New England Hot Dog Buns are a classic for a reason. The addition of milk powder makes the dough uniquely soft and delicious, and the straight sides are fantastic when toasted, and crunchy, and golden brown!
New England hot dog buns are absolutely scrumptious when stuffed with buttery lobster!
New England Hot Dog Buns (or New England top split hot dog rolls) are my favorite type of hot dog bun! Hands down. I went sampling these (in the form of lobster rolls) between Boston and Bangor, Maine (and even in the upper Midwest) when I visited the region last year, and this series of posts starting today, has been a while in the making. 🙂 It may be the dead of winter right now, but a warm, toasty, buttered, scrumptious lobster roll has timeless appeal and isn’t bound by seasonal trends and constraints!
But today’s post isn’t about the mighty Maine lobster roll. That’ll be next week. 🙂 Today, I’m sharing with you guys the recipe for New England Hot Dog Buns – the perfect vehicle for such delights as lobster rolls and fried clam rolls.
What I love about New England hot dog buns…
Is how you have to toast the sides with butter till they are nice and toasty and buttery and golden brown… yum! This makes the buns extra buttery, with a delightful crunch on the outside, and delightfully soft and milky on the inside.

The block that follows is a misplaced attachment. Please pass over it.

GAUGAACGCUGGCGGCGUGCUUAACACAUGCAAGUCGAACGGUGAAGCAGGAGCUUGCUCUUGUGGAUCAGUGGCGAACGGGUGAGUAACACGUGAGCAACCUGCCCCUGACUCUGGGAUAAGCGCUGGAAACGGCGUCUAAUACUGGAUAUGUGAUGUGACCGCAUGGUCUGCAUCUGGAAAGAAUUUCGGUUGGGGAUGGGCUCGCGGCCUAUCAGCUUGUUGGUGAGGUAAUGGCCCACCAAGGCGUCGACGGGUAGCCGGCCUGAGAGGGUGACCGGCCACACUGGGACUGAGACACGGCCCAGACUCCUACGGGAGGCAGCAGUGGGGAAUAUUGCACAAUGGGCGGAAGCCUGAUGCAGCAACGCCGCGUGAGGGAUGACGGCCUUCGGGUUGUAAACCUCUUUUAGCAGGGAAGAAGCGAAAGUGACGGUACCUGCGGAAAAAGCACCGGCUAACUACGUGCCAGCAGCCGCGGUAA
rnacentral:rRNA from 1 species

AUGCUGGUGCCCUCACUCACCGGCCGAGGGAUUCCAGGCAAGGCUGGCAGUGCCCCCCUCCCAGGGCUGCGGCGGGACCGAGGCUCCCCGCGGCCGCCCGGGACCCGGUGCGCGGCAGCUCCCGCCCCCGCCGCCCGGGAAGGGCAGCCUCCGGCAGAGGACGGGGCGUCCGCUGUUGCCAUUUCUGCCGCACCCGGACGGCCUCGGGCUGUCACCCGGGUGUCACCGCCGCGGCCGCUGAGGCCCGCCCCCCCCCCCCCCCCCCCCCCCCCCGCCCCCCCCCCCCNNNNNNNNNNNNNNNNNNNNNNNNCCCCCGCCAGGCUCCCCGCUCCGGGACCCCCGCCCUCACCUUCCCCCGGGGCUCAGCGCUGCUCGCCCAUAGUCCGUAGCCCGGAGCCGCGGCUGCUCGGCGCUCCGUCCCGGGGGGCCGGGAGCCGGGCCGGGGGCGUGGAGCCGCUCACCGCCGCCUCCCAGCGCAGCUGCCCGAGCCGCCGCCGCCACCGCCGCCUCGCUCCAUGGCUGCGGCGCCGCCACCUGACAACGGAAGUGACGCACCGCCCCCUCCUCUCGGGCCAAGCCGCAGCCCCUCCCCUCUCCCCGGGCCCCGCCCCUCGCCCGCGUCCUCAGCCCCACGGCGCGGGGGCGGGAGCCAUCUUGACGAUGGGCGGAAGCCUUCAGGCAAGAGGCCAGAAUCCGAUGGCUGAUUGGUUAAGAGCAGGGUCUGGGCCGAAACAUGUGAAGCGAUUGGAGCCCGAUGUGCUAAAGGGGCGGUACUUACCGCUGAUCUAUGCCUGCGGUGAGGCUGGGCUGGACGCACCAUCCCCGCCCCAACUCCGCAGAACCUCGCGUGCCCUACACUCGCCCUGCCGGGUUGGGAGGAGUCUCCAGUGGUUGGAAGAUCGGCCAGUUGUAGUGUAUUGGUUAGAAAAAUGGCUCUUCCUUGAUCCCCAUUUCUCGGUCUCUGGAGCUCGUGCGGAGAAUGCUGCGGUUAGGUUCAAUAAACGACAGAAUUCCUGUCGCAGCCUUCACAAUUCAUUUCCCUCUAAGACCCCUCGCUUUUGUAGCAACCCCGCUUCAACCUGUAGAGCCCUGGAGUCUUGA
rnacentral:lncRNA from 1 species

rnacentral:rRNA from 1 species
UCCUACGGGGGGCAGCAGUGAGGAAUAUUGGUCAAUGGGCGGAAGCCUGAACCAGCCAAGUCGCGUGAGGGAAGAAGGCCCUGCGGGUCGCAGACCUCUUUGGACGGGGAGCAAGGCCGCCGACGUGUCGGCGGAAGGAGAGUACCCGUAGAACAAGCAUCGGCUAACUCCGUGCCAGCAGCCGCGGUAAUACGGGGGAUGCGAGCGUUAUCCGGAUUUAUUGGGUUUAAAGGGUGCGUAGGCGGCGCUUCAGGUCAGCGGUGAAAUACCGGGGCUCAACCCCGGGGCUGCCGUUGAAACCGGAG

I’ve previously shared this classic hot dog bun recipe that’s also really popular on my blog. That recipe does also work for these New England hot dog buns. However, today’s recipe is different in that the dough has a little more butter, and also includes milk powder, making it more tender with a hint of milkiness.
To make these lobster roll buns you will need a specialty pan to get those flat sides. I bought mine on Amazon. You could make your own tray with foil. But honestly, you could bake the buns really close together on a regular baking tray and still get those soft sides. The sides may not be as straight then, since the buns will expand sideways too, but they’ll be just as soft and delicious.
Making the dough for these New England hot dog buns is easy, because you can mix it all in your stand mixer. This is how I make it every time. However, if you’re not sure whether your active dry yeast is fresh, I highly recommend activating your yeast before adding the other ingredients into the mixer bowl.
How to activate yeast
Place the lukewarm water in the mixing bowl with a little of the sugar, and sprinkle the yeast over the water. Then mix it in just a little with a spoon or fork, and let it activate for about 15 minutes. Since I keep my yeast in the freezer, it takes a little bit longer for the yeast to activate. But eventually, you should see your yeast activating and forming a foamy, bubbly surface on water. This way you know your yeast is alive and well, and you that you can make perfect hot dog buns with it!